This is a strange one. I'd read about it in the magazine and talked to people about it, I knew it was the only financially self sustaining course in the country. It was impressive.
Well, crowd-wise it was. There were lots of people there, it was wonderful. We had to wait about 10 minutes to tee off on hole 1, that was wonderful. Later, when I went to return the discs I'd rented, I had to wait in line. I've never enjoyed waiting in line quite so much. It was a joy to see so many people out playing, people who weren't very good but were having a good time.
That said, this was by far the most dangerous course I've ever seen. The holes are all very close in on each other and there are crossing fairways and tee pads almost in other fairways and, well, I can only imagine that lots of people get hit by discs out there.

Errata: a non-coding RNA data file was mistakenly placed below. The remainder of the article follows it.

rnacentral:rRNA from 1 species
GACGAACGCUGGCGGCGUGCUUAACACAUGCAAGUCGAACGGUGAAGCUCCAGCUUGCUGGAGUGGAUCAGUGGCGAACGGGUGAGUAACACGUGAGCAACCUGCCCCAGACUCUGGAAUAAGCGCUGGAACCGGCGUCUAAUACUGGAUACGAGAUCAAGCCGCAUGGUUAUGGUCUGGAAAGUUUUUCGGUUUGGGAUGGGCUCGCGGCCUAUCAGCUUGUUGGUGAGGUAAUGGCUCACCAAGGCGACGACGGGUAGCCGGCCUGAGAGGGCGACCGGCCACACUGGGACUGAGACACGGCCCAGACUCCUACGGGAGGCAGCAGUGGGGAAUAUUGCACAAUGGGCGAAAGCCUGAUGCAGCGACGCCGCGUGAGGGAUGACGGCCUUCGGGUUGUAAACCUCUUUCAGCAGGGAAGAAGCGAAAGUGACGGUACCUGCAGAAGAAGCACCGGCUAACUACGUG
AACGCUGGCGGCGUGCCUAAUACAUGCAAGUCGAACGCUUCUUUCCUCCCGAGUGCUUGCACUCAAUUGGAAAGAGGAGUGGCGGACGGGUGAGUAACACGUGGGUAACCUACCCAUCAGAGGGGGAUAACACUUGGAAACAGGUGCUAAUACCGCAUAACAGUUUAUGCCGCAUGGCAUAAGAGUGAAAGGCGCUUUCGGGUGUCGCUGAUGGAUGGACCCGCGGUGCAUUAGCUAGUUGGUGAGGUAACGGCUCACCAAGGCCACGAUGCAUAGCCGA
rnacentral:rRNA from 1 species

There weren't any multi shot holes, there weren't any really good holes, but there weren't ANY really bad, boring holes. Every hole had things to consider, which (safety aside) makes it an excellent beginners course. I think the longest hole was in the mid 400's, but it was pretty downhill and was reachable. Overall it was a short course, but enjoyable.
There were bathrooms which I didn't go into but I'm sure were fine, a snack bar, and a disc pro shop all near hole 1. There were concrete tee pads on every hole and good tee signs on every hole. It looks like there are a lot of different pin placements and they rotate them consistently.
Finding your way around wasn't trivial, but I think we only had to ask once. Once we threw to the wrong basket (16 to 18's basket). If there's water I've forgotten it, and there's not really anywhere to lose your disc unless you work at it. But if you do, you can stroll up to the pro shop and buy or rent one. The guy was pretty helpful about finding me the disc I wanted to rent and I was very impressed that they had a stack of 150 class discs for rental.